TAMWORTH BIRDWATCHERS Inc
Pilliga Forest Birdwatcher Visit Mags Crossing 18 April 2020
Well, the Coronavirus kept us all from meeting as a group but it did not stop Bruce Thew from going out on his very own to deliver us with a list of birds for the day. Many thanks, Bruce. Mags Crossing was a bit dicky but no trouble for his 4 wheel drive.
In his own words - "I got out there soon after first light and while I was doing my exercises I saw my first birds. By 8 o'clock I had seen 26 and it took me until 10 o'clock to see another three so I said "OK if that’s how it is going to be I am off home" He sent me an email of his 29 birds for the day. Beside Red- capped Robin he put a note in brackets. "By the Dozen". "He has to be exaggerating" I thought "because over the years if we saw one or two in any of our sites we were lucky. I went around and saw him and said "Now, Bruce, how many Red-capped Robins DID you see? He said "at least a dozen and that he could hear them calling all the time he was there". So if you want a Bird of the Day here you must surely have one.
Here are the birds he saw : Australian Wood Duck, Australasian Grebe, Australian Ringneck, Laughing Kookaburra, White-throated Treecreeper, Superb Fairy-wren, Spotted Pardalote, Striated Pardalote, Western Gerygone, Inland Thornbill, Weebill, Noisy Friarbird, Striped Honeyeater, White-eared Honeyeater, White-plumed Honeyeater, Jacky Winter, Red-capped Robin,, Grey-crowned Babbler, Varied Sitella, Rufous Whistler, Grey Shrike-Thrush, Willie Wagtail, Grey Fantail, Black-faced Cuckoo- Shrike, Grey Butcherbird, Pied Butcherbird, Australian Magpie, Pied Currawong, Australian Raven.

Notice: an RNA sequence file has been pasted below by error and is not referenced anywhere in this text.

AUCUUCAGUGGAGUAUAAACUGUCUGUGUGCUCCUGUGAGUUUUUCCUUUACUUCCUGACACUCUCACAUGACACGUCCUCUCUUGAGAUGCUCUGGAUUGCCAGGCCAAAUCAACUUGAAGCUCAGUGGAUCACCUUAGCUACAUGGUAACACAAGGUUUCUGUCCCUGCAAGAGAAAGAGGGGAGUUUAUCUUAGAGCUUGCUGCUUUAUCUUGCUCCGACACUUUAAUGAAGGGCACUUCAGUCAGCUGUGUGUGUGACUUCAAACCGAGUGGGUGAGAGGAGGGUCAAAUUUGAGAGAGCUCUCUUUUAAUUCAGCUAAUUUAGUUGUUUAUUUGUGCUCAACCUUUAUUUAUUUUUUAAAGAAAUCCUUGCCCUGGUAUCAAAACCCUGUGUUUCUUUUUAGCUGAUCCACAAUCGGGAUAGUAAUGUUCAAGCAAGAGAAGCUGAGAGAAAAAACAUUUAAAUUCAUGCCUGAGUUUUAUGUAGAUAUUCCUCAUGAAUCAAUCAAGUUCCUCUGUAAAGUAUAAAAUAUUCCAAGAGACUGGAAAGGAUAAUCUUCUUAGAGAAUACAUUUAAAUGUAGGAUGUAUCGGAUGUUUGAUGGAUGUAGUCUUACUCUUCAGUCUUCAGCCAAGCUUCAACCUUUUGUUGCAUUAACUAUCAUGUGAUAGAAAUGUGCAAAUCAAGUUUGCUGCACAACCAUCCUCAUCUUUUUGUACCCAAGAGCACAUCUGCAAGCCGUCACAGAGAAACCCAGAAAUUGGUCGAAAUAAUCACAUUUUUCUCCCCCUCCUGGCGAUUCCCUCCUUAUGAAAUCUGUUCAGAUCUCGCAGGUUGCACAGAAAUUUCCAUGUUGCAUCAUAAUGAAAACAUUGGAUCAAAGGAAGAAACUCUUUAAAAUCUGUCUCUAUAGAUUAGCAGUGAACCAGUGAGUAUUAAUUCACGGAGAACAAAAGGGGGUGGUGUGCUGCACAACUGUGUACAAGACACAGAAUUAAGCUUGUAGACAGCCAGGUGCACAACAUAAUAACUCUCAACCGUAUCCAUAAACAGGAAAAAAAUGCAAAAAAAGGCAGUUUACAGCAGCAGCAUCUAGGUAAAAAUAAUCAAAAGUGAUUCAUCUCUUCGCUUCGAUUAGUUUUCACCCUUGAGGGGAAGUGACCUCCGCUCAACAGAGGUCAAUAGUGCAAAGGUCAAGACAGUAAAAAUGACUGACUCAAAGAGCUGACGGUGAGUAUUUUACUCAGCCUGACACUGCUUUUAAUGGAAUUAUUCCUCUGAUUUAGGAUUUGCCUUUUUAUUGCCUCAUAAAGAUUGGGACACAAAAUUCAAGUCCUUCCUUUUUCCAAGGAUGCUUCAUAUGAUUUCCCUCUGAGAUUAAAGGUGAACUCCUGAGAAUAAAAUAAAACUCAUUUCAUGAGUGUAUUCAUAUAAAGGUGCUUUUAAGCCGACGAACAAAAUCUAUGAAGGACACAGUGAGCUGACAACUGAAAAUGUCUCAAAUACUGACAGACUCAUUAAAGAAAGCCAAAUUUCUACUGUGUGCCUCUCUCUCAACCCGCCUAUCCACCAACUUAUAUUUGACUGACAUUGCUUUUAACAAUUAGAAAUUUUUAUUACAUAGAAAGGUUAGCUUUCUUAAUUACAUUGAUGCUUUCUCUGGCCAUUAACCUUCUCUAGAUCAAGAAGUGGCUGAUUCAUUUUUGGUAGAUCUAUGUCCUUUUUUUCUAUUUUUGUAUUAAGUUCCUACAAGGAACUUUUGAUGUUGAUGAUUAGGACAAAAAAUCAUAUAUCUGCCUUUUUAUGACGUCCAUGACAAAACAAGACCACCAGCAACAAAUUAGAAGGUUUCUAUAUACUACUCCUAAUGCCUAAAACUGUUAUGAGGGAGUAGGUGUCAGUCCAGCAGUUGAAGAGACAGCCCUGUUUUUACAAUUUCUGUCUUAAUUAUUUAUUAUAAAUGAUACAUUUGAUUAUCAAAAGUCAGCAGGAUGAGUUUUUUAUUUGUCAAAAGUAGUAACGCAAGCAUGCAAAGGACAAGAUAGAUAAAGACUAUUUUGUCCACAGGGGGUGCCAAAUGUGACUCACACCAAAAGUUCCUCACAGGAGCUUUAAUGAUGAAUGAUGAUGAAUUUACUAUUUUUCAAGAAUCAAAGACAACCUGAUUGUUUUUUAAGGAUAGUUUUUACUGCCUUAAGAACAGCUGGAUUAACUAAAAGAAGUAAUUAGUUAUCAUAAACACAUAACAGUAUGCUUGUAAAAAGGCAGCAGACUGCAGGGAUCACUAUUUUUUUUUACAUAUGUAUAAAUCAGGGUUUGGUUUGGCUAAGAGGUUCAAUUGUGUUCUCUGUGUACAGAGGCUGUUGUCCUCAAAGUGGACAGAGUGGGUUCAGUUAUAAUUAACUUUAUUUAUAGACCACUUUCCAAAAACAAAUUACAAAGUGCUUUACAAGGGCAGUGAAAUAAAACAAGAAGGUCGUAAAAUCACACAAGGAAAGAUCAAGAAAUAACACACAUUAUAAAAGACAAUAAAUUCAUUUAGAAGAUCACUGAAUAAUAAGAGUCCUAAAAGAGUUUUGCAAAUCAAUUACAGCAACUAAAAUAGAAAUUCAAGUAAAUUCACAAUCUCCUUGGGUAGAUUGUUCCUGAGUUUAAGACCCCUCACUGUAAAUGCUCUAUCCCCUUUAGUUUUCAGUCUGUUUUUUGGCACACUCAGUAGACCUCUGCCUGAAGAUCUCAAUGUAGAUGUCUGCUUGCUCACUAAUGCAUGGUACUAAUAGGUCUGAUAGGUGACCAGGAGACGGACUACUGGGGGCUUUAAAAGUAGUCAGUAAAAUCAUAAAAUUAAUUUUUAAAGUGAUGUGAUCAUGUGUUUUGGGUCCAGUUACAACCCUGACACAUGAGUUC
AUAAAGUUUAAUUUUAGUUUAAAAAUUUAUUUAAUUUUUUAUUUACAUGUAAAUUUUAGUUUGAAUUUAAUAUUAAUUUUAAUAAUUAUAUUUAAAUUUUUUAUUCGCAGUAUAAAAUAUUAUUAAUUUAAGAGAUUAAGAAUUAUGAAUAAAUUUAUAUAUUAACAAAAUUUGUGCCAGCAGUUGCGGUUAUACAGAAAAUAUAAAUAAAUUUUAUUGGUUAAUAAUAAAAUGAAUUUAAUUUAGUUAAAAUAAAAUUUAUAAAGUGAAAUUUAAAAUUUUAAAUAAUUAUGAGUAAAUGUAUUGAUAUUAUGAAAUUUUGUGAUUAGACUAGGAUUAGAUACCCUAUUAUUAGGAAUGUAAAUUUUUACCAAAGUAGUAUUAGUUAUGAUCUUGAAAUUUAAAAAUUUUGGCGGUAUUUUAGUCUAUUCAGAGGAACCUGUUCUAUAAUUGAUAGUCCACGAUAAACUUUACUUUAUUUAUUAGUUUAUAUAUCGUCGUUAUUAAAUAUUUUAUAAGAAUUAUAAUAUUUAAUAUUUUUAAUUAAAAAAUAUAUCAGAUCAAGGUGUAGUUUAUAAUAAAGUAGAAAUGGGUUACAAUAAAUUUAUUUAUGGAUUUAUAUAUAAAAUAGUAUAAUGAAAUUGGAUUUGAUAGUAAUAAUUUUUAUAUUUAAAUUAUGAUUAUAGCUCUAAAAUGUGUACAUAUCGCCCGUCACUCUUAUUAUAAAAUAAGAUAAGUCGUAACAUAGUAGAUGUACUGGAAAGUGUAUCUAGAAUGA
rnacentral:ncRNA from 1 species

Thanks again, Bruce. It is people like you that make our group someone to be reckoned with. Bruce has agreed to do it all again next month at Odells Crossing. But as I keep saying " More of that later".
David and Shirley
PS Bird watching has a wonderful attribute. It is something most of us are happy doing on our own.
Joan’s Walk along the Peel River Tamworth
Being fed up with walking around the local streets I decided to get my exercise along the banks of the Peel River. Much more interesting!
Good to see families with their kids on bikes and dogs on leads all enjoying this lovely part of the town. The first time was on the southern end and I enjoyed seeing and listening to the lovely clear water cascading over the rocks. Not many water birds, I thought the river may have been running a bit too fast.
I listed 29 species here with nothing outstanding but there were two breeding records. The Superb – Fairy-wrens had babies everywhere and a very greedy Magpie-lark who scolded his parents for more food now. He was a real bully!
Birds seen: Australian Wood Duck, Rock Dove, Crested Pigeon, Peaceful Dove, Little Pied Cormorant, Little Black Cormorant, Australian White Ibis, Whistling Kite, Dusky Moorhen, Eastern Rosella, Red- rumped Parrot, Superb Fairy-wren, (yon), White-plumed Honeyeater, Noisy Miner, Brown Honeyeater, Black-faced Cuckoo-shrike, Grey Shrike-thrush, Pied Butcherbird, Australian Magpie, Willie Wagtail, Australian Raven, Torresian Crow, Magpie-lark (yon), Welcome Swallow, Fairy Martin, Common Starling, Common Myna, Double-barred Finch, Red-browsed Finch.